Animals and COPD model
Female Balb/c mice (20-22 g) were obtained from the University’s main animal care center. All experiments were performed in accordance with the National guidelines for the care of laboratory animals and the study was approved by the Ethical Committee of the College of Applied Medical Sciences (agreement number: CAMS05/3334). During the different experimental procedures, animals were anesthetized by intramuscular administration of a mixture of 0.1 mL of 4 mL of ketamine (50 mg/mL), 1 mL of xylazine (2 %), and 5 mL of physiological serum. COPD model was induced by intrapulmonary instillation (1 mg.kg−1; V = 100 μl) of Lipopolysaccharide (LPS) from Escherichia Coli (Santa Cruz Biotechnology, Inc., CA, USA) using a MicroSprayer aerosolizer (Penn-Century Inc., PA, USA). At 48 h post LPS challenge, mice were intrapulmonary instilled with either physiological saline, iron labeled ex vivo polarized M1 or M2 macrophages (106 cells suspended in 100 μl phosphate buffered saline (PBS) solution).
Macrophages polarization and magnetic labeling
Bone marrow (BM) derived M1 and M2 macrophages were obtained and polarized as previously reported . Briefly, BM cells from tibiae and femora of donor mice were incubated for 7 days at 37 °C in complete IMDM medium containing L-glutamine and phenol red (Gibco, Lifetechnologies, CA, USA) and supplemented with 10 ng/ml of macrophage clone stimulating factor (R&D systems, Abingdon, UK) to obtain adherent M0 macrophages. Macrophage polarization was then induced by incubating adherent M0 cells for 20 h at 37 °C in complete IMDM medium supplemented with 1 ng.ml−1 LPS (Santa Cruz Biotechnology, Inc., CA, USA) and 10 ng.ml−1 INFγ to obtain M1-polarized cells or with 10 ng.ml−1 IL-10 and 20 ng.ml−1 IL-4 (R&D systems, Abingdon, UK) to obtain M2-polarized macrophages.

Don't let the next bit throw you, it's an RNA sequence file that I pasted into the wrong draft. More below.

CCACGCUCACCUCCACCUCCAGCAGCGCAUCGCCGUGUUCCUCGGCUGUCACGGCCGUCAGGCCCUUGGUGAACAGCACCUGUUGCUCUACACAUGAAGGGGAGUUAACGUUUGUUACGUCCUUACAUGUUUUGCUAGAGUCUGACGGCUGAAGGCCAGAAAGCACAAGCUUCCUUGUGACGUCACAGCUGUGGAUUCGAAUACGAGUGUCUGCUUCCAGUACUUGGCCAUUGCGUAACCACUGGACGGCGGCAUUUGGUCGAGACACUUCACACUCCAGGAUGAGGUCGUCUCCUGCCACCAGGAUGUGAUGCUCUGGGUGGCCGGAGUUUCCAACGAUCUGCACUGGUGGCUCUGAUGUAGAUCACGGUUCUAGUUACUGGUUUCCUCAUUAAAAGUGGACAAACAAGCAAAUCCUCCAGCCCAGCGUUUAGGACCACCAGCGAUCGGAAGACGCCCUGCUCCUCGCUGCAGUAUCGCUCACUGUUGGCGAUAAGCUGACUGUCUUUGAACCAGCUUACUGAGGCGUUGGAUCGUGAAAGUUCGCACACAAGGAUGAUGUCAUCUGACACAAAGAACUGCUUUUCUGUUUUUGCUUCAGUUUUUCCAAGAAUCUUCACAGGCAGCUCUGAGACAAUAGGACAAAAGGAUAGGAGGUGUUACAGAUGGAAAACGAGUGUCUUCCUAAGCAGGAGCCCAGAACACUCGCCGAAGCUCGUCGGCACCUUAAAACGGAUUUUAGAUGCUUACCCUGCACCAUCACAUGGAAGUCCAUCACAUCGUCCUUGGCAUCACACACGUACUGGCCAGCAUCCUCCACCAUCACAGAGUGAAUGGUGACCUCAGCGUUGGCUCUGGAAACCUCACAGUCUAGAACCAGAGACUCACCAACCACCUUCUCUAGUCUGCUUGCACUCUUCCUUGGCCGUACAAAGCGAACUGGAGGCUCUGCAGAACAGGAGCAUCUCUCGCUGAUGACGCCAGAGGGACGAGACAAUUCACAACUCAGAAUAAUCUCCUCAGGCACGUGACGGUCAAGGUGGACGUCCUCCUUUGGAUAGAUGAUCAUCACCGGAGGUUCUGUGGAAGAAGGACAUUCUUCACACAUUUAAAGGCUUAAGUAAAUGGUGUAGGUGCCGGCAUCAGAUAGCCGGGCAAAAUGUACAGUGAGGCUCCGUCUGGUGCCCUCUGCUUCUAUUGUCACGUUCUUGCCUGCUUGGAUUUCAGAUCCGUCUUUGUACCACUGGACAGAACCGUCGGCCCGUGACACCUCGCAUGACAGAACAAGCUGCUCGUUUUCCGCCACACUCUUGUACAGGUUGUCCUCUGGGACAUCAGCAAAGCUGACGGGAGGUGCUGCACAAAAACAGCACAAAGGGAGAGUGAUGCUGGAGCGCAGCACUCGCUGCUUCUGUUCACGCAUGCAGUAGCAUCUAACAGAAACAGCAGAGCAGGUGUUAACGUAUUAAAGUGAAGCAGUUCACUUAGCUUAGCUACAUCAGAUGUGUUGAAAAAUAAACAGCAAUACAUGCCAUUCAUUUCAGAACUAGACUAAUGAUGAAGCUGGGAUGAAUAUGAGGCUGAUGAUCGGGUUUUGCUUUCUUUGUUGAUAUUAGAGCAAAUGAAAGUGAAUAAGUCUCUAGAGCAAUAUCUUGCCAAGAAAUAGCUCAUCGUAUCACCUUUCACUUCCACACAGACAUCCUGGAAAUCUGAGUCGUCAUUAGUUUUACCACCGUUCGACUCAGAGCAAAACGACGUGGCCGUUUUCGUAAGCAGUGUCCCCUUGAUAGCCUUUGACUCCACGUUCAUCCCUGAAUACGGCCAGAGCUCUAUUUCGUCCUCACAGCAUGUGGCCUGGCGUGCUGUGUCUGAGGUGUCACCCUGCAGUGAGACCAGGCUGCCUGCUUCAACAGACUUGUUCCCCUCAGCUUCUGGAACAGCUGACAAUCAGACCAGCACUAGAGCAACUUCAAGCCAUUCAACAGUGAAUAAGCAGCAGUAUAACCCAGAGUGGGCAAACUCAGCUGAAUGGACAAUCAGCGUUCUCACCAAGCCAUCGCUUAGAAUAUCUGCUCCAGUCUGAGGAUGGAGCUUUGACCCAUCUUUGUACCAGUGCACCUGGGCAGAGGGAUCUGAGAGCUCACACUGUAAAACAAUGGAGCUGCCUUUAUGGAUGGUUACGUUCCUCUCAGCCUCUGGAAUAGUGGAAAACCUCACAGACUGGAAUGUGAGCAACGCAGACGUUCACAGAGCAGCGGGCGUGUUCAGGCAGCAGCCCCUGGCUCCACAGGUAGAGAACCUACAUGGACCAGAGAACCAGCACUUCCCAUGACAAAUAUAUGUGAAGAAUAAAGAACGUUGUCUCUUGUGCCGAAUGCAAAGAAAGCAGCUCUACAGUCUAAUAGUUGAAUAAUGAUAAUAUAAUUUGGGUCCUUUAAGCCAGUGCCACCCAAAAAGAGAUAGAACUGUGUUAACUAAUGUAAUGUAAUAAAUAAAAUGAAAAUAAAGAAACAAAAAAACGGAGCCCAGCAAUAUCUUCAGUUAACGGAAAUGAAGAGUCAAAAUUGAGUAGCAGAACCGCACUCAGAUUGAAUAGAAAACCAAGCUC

M1 or M2 macrophages were labeled with Dextran-coated SPIO nanoparticles (Micromod Partikeltechnologie GmbH, Germany) at an extracellular iron concentration of 2 mM with 1 h incubation time at 37 °C, which was chosen as the best compromise between labeling efficiency and biocompatibility to the cells. For efficient macrophages labeling, SPIO nanoparticles were functionalized by the addition of polyethylene glycol (PEG) with amine terminal (NH2) . We have previously reported that these nanoparticles showed an enhanced labeling efficiency of macrophages with a better biocompatibility .
Macrophages were incubated in serum-free RPMI medium containing L-glutamine and phenol red (Gibco, Lifetechnologies, CA, USA) to avoid proteins interactions with the uptake mechanism . The incubation step was followed by an overnight chase period in SPIO-free culture medium to allow sufficient time for iron oxide internalization. Prior to administration, iron content in the different macrophages subsets were quantified using Ferrozine-based assay and their biocompatibility was assessed using MTT assay as previously reported .
Ferrozine is an iron-chelating agent that forms a complex with iron and exhibits characteristic UV/Vis absorption. By comparing to a standard calibration curve, accurate quantification of iron uptake by macrophages can be obtained. Briefly, 2x105 labeled M1 or M2 macrophages were digested with 5 M hydrochloric acid and absorbance was measured at 351 nm using Multiskan Go Spectrophotometer (Thermo Scientific, NH, USA). Using a calibration curve of the absorbance vs. iron concentration of the SPIO nanoparticles prepared under the same experimental protocol, the iron content in the macrophages was determined and expressed as pg of iron per cell.